The Tax Preparation Process

Here’s how the tax preparation process generally goes:

  1. You get me all of your tax information. We can arrange a meeting, or you can mail me your info, or scan and email it to me (or Google Drive, Dropbox, etc.), or drop it off in person, or however you see fit. If you’re a new client, I’ll need a copy of your prior year tax returns, either on paper or in pdf format. See here for a list of other things to consider. I’ll of course let you know if I think anything’s missing, so don’t worry too much about whether or not you have everything; there’s always some amount of back and forth, especially in the first year. I fully expect that.
  2. Sometime within the next couple of weeks, I’ll fill out your tax return using the information you’ve provided, and we can email or talk over the phone to answer any remaining questions.
  3. I’ll send you a draft copy of your tax return, as a pdf. I generally send this electronically; you’ll get a link via email that will allow you to view and download the draft. I’ll point out anything that I think is noteworthy, unusual, or unexpected.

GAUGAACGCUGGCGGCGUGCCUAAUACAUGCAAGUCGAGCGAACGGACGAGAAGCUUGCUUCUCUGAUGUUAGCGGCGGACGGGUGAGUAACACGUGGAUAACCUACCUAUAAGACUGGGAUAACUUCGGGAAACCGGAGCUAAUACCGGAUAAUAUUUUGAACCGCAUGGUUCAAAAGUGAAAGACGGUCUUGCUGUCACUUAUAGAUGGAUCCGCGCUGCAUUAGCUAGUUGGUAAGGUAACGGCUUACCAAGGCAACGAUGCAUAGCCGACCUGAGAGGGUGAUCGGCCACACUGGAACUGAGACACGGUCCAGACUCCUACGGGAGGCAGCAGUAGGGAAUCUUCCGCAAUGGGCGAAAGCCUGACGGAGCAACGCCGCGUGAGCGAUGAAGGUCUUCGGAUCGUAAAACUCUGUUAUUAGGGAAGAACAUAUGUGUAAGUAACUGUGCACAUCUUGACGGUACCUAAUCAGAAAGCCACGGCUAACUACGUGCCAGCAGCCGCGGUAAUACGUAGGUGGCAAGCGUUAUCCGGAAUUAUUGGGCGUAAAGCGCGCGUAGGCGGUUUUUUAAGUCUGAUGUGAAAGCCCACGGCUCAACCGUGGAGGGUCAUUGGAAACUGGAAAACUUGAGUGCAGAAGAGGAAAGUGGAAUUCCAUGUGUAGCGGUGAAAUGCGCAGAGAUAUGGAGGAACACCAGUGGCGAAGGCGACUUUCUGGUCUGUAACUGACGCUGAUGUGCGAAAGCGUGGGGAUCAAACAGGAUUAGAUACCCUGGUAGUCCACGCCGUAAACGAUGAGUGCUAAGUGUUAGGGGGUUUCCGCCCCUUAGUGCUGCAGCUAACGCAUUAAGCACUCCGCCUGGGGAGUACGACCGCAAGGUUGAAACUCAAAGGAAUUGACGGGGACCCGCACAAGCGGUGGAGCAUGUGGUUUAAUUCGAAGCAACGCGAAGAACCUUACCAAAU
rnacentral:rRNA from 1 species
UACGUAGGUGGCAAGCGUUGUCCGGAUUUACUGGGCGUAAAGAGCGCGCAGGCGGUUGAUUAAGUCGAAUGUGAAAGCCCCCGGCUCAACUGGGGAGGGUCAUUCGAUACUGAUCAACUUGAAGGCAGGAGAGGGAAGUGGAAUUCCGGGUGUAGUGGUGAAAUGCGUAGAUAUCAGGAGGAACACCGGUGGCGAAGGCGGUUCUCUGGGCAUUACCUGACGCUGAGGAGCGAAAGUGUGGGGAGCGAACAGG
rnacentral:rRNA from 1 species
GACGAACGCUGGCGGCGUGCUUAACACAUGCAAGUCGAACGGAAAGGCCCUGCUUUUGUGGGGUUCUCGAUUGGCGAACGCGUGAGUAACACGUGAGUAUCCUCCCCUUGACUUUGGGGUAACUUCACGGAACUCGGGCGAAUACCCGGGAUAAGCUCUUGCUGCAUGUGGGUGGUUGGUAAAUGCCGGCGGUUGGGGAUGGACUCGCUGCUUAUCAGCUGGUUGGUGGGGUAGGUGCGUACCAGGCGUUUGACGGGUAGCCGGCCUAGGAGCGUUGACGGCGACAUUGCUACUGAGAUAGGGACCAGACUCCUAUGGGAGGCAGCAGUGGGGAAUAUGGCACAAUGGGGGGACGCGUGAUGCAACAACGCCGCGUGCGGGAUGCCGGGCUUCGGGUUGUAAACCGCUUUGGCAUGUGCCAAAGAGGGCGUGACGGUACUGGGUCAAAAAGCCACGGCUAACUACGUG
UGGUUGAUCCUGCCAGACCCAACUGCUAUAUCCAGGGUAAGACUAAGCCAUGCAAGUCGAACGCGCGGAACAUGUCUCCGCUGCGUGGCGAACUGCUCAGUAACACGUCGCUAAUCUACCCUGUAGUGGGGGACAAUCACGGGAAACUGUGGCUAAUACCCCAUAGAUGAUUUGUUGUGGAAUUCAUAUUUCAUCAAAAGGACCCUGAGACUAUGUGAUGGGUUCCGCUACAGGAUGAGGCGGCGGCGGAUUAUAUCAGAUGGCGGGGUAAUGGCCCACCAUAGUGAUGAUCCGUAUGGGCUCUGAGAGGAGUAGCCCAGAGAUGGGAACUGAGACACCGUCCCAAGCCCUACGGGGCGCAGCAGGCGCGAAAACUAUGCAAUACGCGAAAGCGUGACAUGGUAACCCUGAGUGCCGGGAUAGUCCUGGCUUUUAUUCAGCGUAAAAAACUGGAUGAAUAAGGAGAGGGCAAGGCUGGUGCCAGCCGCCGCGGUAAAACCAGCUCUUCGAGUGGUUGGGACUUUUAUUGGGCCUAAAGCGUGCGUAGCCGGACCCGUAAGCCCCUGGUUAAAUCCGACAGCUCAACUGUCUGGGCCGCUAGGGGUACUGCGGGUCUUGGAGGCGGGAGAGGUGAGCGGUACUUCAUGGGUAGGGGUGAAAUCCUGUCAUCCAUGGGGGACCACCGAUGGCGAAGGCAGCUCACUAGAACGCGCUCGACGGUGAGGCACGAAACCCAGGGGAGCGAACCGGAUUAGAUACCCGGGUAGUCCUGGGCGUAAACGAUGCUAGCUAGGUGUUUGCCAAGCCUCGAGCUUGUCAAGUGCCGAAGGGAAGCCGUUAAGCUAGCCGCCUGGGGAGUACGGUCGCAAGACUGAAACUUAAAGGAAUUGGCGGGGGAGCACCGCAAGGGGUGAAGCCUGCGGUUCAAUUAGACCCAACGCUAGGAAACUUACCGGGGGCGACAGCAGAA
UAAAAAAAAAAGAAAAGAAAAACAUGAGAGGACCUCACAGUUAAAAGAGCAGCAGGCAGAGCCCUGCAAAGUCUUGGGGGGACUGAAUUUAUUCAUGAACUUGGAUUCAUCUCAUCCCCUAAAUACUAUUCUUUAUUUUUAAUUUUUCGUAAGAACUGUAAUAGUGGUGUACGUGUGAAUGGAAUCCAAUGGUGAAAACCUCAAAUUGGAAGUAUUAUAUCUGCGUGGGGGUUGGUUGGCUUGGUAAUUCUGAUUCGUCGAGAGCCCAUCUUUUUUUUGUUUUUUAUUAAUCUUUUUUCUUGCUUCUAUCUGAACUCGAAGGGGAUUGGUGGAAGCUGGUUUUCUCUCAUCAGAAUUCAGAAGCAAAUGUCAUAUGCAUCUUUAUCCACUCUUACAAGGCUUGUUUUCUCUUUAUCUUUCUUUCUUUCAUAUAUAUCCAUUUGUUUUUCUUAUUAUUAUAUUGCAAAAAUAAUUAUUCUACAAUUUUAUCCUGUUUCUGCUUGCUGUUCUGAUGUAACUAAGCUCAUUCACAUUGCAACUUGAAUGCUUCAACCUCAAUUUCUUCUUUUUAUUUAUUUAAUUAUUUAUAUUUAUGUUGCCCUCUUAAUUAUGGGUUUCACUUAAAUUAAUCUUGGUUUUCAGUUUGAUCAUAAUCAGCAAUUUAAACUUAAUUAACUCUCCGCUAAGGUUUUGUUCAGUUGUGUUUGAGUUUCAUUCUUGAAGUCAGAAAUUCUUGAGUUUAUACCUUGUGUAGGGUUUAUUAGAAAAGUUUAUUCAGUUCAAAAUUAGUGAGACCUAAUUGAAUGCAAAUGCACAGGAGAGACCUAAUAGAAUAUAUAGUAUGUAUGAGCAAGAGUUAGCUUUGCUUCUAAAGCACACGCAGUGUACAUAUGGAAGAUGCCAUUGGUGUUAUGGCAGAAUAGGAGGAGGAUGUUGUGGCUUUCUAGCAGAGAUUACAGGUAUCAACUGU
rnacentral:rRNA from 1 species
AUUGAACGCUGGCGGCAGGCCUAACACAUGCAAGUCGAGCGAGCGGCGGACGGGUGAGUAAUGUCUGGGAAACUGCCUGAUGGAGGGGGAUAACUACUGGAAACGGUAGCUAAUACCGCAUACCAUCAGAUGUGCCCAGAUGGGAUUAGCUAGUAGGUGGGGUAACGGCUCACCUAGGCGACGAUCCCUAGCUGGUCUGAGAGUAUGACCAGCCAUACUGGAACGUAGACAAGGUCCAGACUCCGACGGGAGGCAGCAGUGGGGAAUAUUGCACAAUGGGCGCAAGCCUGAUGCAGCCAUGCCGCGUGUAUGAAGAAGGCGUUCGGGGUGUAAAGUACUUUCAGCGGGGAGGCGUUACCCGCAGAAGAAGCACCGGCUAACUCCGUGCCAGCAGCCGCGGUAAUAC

4. You look things over and let me know if you have questions. I’ll send you revised drafts, as necessary.
  5. You download and save the final pdf copy of your tax return, and let me know that you’re ready to sign and e-file.
  6. I’ll mail or email you all the necessary paperwork, including forms that need to be signed and returned to me, a final invoice, and payment vouchers and instructions for any tax payments you need to make. (Note that I generally do not send a paper copy of your tax return to you; you may request a paper copy, for an additional fee. If you ever lose your pdf copy, I can very easily send you a new download link.)
  7. You sign and return to me the necessary signature forms, along with payment of your tax preparation fee.
  8. I’ll e-file your returns once I get everything back from you, and will send you a confirmation email when they’ve been accepted by the IRS and Oregon.
  9. You send in any tax payments that are due, per any instructions that I’ve provided. This step is of course not necessary if you’re due refunds, which can be sent to you via check or direct-deposited into your bank account.

That’s it. There may be variations depending on your specific situation, but that’s the general idea.

The information on this page is current only up to the original date of publication: December 16, 2013. For more information, please see the Terms of Use.